Lesson 1: Introduction
As far as I know, a lot of people to the West believe that we have secret training methodologies here in Eastern Europe. It is understandable. “The Iron Curtain” provoked this type of thinking and it was successfully sustained by clever marketers. Sometimes it seems that western people think that trainees here can gain strength and build muscle with the power of their sheer thought (how awesome would that be?).
Well, I don’t want to disappoint you, but most of the stuff you hear or read that is tagged “Soviet” and “Top Secret” is just a hype. All the info you need to succeed in your strength training quest is already out there. I am sorry to burst your bubble, but there is no East European training conspiracy. It may seem that people here guard all kinds of secrets, but the reality is WAY simpler. If you still do not believe me, let’s take a look at where these “secrets” can possibly be applied. Continue reading
Oftentimes when we start any endeavor, it is really fun at first (well, unless someone makes you do it). You are all over the place with all kinds of ideas. You can’t wait to improve what you are doing. You are obsessed. But time goes, you are getting better, more mature and seasoned, and once interesting affair becomes dull and monotonous.
This is true for a lot of things including strength training and nutrition. You are not progressing that fast in strength with time. Constant hunger and cravings can break even the strongest dieter. Discipline, hard work, and consistency – these things will make difference once the journey gets into the intermediate-advanced stage. The main issue here is to know how to stay motivated to continue this endless battle? Here are several ways to do so. Continue reading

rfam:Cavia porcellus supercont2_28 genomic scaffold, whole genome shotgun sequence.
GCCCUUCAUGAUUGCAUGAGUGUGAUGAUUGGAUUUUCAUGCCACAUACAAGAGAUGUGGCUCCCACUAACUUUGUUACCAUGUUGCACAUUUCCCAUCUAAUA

So, if you think that this post is about all kinds of cigarettes, I’m sorry to disappoint you. It is not. It is about a simple and smart way to add more weekly training volume for a certain skill/exercise without compromising your limited recovery. It is called the Heavy-Light-Medium approach or simply HLM. I use it a lot and find it really effective if you want to concentrate on a limited amount of exercises instead of using variety of them.
Let’s take a closer look at it.
What is the Heavy-Light-Medium Approach?
You already know that your body’s recovery abilities are limited. Basically, I came to conclusion that you can’t train really heavy more frequently than once a week (well, maybe once in 5 days in several cases, but that’s if your recovery is ultra-awesome and your lifestyle revolves solely around sleeping, training and eating). Continue reading
Lately I have been really puzzled with coming up with a new theme for an article. After shuffling all the possible ideas, nothing still seemed to resonate with me. The solution came rapidly as always. Some time ago an interesting idea regarding structuring a training routine popped up in my mind. The only reason I didn’t want to share it yet was the fact that I was still testing it. “But why not?” – I thought.
Therefore, enter the “Everlasting Challenge” Training Routine.
If you are impatient, here is the actual approach without unnecessary long intros: Continue reading